The reality that Donald Trump attended Fordham for two years is not something that is often talked about in the circles of Jesuit higher education. This fact is often comically dismissed, principally because Donald Trump did not graduate from Fordham. So too is it disregarded because (the argument goes) Jesuit universities can’t expect everyone who attends their institution to become leaders in the fight against injustice. We don’t want to deal with the fact that a man who attended Fordham is the same man who proposed an expansion of the prison at Guantánamo, reversed plans to save wetlands and protect waterways from coal waste. We also don’t want to acknowledge that a man who attended a Catholic university is the same man who (while maintaining the most lavish lifestyle in presidential history) has proposed budget cuts to after-school programs, rental-assistance programs, the Community Development Block Grant program, legal assistance for the poor, the National Endowment for the Arts, and the National Endowment for the Humanities. And most recently, the man who attended a Catholic university that seeks to create men and women for others dropped the largest non-nuclear bomb on Afghanistan. Nearly every single proposal and administrative act put forth by Donald Trump and his administration runs contrary to the core Catholic social teaching (and Trump’s espoused Christian faith) to promote the human dignity of every human being.
The point is not so much that Donald Trump was present on a Catholic, Jesuit university campus — but the courses he took and what he gained from them. Every Jesuit college or university in the United States offers an iteration of the same core curriculum. And although Trump won’t release his college transcripts there is a slim chance he would have been able to finagle his way out of certain required courses. That means that during either his freshman or sophomore year, Donald Trump would have had to take a required course in either theology or philosophy. He likely took both.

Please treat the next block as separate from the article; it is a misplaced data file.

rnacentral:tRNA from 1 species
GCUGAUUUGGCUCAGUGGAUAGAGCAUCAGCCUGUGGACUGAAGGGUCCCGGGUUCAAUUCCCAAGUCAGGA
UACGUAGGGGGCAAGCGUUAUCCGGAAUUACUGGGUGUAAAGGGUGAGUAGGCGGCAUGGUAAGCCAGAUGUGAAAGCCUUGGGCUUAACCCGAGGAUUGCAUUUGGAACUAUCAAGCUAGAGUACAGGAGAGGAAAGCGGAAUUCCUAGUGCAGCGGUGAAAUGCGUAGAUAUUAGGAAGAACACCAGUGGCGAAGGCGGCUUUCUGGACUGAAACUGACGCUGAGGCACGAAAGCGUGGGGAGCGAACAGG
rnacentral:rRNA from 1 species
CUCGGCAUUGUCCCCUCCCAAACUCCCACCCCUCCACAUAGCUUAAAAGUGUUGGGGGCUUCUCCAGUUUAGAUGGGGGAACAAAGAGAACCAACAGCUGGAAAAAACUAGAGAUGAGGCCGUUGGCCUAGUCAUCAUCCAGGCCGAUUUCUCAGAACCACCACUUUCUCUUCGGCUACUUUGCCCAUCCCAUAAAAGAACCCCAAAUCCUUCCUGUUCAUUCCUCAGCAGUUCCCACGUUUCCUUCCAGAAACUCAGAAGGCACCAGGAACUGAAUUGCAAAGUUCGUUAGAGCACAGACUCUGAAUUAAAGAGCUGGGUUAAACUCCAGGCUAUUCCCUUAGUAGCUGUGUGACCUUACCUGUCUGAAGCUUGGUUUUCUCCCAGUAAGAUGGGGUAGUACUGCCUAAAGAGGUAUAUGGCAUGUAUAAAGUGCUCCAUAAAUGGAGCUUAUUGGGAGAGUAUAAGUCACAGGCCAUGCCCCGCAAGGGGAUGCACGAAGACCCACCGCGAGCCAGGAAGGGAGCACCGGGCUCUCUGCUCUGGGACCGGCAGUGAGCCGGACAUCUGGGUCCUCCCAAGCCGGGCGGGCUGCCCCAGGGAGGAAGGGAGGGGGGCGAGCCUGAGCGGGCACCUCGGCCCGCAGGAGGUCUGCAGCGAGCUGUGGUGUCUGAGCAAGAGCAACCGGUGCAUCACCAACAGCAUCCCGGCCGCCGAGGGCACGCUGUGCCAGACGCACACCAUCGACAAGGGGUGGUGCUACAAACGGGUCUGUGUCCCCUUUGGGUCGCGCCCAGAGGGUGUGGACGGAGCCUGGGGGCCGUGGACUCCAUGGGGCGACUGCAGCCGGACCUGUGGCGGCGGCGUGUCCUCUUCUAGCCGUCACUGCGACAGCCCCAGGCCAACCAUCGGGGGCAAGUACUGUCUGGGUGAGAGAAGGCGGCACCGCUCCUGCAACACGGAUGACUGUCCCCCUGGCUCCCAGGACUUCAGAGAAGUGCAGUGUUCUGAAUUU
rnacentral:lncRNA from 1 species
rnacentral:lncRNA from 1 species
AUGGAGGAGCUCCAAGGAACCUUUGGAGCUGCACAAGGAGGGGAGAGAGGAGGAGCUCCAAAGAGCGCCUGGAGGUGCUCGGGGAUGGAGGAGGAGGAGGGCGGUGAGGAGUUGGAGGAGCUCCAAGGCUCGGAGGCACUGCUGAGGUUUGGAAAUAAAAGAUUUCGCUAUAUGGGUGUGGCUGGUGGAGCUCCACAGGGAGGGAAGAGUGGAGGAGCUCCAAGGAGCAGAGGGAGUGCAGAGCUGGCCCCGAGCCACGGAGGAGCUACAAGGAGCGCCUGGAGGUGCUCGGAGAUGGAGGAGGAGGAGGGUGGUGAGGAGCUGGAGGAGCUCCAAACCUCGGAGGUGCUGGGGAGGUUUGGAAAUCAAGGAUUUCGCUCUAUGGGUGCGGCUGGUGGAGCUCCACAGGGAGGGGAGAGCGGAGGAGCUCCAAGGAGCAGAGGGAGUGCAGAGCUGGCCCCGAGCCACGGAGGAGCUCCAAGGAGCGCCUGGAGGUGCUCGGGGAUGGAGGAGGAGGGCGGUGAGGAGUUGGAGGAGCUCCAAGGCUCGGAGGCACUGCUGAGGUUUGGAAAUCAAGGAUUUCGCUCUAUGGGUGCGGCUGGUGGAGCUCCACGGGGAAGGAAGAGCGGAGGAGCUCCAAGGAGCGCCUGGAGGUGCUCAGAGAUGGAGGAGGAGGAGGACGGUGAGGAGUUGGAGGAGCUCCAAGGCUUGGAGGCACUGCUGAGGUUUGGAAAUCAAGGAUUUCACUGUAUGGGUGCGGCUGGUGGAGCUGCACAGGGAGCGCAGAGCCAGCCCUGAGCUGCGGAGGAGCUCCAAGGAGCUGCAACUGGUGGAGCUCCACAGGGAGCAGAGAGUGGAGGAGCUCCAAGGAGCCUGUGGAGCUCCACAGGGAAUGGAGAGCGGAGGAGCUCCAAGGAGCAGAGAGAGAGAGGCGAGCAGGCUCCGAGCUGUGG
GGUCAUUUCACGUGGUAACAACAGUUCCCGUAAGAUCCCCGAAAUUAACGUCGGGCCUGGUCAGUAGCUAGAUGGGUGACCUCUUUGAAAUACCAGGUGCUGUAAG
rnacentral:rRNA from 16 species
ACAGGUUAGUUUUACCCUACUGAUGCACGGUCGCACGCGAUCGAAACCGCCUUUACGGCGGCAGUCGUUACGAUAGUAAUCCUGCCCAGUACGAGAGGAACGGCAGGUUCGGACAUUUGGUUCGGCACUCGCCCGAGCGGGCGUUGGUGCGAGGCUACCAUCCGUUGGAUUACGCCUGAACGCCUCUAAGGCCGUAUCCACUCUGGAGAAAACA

This is that we have to deal with if we want to understand the role that the Jesuit university has in organizing on behalf of the common good today. Our inability to address the fact that Donald Trump likely sat in a theology class at Fordham, mimics our inability to address both the ways that Jesuit universities are complicit in injustice and that what we teach in theology and philosophy classrooms often supports this complicity.
The question thus becomes, as Ignacio Ellacuria asked in his 1982 Commencement Speech at Santa Clara University, “How does a university transform the social reality of which it is so much a part?” Too often, Jesuit universities blend in to the status quo rather than embody an alternative to it. Thus, the problem is not solely Donald Trump. Rather, the problem is that he is a product of the ways our Jesuit universities are not living up to their inherent Ignatian values. I worry that Jesuit universities will fail to organize against Trump’s unjust policies, if they do not first address the ways that the university has justified hierarchical, patriarchal, heteronormative, and racist ways of thinking. So we must then ask — are our institutions leading the fight against global poverty? Offering just wages and health care benefits to their faculty members? Supporting the unionization of its workers? Are we creating syllabi inclusive of authors from a variety of backgrounds? Are we having honest conversations about racism, and how universities have often fostered an attitude of white supremacy and domination rather than seeking to decimate it?